David Hess struggled on paper for the Orioles, although he made quite a few very good pitches. Hess’ line: 4.0 IP, 7 H, 5 R, 2 BB, 4 K. You can make quality pitches in games, but often times those quality pitches are those that get hit. Atlanta got on the board almost immediately on Freeman’s RBI-single in the first, but the Orioles tied it two innings later. After sitting for a couple of games due to a knee problem, Trey Mancini smacked a solo homer in the third to tie the game at one.
However Atlanta took the lead right back in the bottom of the inning on Markakis’ RBI-double. Markakis has had a good series against his former team, although perhaps with the exception of today he hasn’t torched them to the point of beating them. Personally I thought it was tragic that a lifelong Oriole who had been through so much and who cared so much for the organization was allowed to walk. However Orioles fans should also keep in mind that Markakis was having major issues as a result of a procedure done on his neck at the time. And in reality, this is the first season he’s had with Atlanta in which he’s really been tearing the cover off the ball.
Culberson’s two-RBI double later in the inning would run the Atlanta lead to 5-1. However the O’s did make a run of it. They were going to lift Hess after the fourth inning anyways, and sent Mark Trumbo up to pinch hit. And Trumbo, who previously had been given the day off with a slight injury, smacked a two-run homer to cut the Atlanta lead to 5-3.
And that’s another reason that I love the National League game. First off I’ve always believed that a pitcher should have to hit. It’s part of the game, and he’s a part of the lineup. However National League baseball allows for moments like that, where a guy’s used only in the one at-bat and he comes through in the clutch. I suppose American League teams could do that as well, but it would be a waste of a potential field player or DH. So it’s squarely a National League phenomenon; of course, moves like that used to be prevalent in both leagues.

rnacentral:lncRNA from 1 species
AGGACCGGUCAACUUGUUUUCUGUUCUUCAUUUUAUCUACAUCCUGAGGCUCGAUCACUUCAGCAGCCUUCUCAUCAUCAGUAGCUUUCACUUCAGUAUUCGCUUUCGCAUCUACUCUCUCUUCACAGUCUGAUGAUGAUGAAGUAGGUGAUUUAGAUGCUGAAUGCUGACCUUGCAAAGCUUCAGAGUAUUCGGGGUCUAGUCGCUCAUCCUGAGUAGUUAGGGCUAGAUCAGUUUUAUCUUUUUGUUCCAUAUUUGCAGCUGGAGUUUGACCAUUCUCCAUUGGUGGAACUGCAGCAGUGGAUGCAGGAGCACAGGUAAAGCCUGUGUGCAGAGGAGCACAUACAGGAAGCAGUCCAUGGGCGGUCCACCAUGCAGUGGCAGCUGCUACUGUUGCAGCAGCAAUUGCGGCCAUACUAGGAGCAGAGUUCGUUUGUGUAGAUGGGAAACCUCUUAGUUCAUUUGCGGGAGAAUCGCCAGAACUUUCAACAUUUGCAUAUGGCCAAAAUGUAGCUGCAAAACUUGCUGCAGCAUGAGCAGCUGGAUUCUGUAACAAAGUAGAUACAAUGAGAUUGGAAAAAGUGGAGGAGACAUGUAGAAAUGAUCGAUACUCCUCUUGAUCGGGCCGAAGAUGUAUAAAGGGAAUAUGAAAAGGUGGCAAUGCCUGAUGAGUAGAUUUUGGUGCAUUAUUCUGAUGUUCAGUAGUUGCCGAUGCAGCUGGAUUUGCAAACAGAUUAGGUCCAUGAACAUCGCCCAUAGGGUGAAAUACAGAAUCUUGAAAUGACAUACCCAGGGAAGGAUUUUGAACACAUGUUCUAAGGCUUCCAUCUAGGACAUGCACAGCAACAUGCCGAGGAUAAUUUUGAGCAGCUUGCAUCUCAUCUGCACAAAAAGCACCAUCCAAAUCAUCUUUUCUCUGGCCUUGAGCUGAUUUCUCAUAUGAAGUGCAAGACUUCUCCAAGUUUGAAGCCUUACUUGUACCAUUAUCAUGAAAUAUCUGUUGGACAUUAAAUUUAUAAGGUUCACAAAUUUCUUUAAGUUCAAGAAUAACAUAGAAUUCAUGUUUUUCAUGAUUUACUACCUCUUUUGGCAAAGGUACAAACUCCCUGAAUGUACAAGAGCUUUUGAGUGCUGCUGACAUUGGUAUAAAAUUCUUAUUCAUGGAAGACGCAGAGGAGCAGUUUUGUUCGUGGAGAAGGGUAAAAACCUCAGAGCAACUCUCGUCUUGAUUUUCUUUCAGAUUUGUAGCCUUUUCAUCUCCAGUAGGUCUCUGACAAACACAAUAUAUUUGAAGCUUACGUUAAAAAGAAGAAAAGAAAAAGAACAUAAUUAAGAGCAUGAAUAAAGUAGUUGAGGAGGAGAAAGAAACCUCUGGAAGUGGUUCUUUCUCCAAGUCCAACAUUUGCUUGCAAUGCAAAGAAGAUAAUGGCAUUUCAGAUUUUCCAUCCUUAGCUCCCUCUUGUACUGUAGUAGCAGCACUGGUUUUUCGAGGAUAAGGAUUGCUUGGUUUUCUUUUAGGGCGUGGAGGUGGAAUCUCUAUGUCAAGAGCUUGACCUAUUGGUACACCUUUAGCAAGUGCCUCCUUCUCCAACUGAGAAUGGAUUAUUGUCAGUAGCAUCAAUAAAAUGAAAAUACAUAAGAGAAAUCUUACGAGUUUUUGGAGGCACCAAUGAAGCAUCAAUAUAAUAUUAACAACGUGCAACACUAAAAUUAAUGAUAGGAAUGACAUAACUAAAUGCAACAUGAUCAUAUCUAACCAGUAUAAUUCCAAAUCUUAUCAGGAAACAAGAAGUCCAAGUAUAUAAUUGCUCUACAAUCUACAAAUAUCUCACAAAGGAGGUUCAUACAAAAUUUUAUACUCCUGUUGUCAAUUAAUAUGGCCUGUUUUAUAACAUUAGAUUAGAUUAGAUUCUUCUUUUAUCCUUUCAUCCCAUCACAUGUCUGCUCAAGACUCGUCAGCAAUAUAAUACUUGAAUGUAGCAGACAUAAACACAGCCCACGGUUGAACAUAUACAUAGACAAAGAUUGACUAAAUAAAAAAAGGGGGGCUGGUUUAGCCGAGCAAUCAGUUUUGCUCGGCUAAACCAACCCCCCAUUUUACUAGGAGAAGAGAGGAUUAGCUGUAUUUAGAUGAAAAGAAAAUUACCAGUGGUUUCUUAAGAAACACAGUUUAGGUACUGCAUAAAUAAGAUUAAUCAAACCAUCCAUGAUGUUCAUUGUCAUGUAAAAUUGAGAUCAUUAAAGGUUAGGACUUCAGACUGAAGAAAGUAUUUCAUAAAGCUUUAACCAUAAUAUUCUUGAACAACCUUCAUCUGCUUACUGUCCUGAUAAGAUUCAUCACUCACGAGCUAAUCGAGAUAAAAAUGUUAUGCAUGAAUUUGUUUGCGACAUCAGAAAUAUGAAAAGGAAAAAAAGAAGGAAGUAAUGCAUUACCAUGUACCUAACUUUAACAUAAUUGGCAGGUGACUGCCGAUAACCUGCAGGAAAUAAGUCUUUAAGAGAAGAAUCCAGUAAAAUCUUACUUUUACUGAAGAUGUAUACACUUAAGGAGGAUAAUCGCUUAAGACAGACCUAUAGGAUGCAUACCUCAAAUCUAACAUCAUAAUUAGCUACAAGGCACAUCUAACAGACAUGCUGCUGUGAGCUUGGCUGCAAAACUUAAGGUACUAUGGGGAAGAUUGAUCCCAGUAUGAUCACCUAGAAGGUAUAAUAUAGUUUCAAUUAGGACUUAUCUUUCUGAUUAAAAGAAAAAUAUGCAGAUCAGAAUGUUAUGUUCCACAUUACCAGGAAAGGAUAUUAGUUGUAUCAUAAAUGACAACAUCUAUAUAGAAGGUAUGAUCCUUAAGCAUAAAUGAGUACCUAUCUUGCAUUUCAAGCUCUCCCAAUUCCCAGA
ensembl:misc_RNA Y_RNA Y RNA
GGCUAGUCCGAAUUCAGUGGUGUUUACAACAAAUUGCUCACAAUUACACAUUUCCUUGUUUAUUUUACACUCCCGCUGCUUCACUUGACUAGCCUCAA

However Atlanta would extend their lead to 7-3 on a two-run homer by Swanson in the last of the eighth, which sealed the deal. However make no mistake about the fact that the Orioles had a good weekend down in “hot ‘lanta.” And while they struggled at times in D.C., they also now come home after a .500 road trip. That’s not going to get you back into contention, but it’s a start. Had this exact road trip happened a month ago, they would have headed home after either a 1-5 trip or after two sweeps.
The O’s will open up a four-game series with Seattle tomorrow night at Camden Yards. Andrew Cashner gets the start for the Orioles, and he’ll be opposed by Seattle’s Felix Hernandez. Game time is set for just after 7 PM.
Little did the Baltimore Orioles know that all it was going to take to get back on track after Tuesday’s loss was a little thunder and lightning…off the bat of Mark Trumbo, that is. Of course I sprinkled a little bit of Shakespearean double-entendre in there, as the O’s had to wait out a rain delay in Washington last night. And a long one at that, of well over two hours.
Andrew Cashner came off the DL to make the start last night, and was outstanding. Cashner’s line: 4.0 IP, 3 H, 0 R, 0 BB, 2 K. Cashner would have been outstanding I suppose is probably the better line. When the rain delay hit he had a 2-0 lead after four. The crew chief tried to get the teams through five to make it an official game, but between the fourth and fifth innings the rain and the ominous forecast became too much. When play resumed, both teams switched pitchers; and while Cashner had the lead, technically he didn’t make it through the necessary five innings to qualify for the win.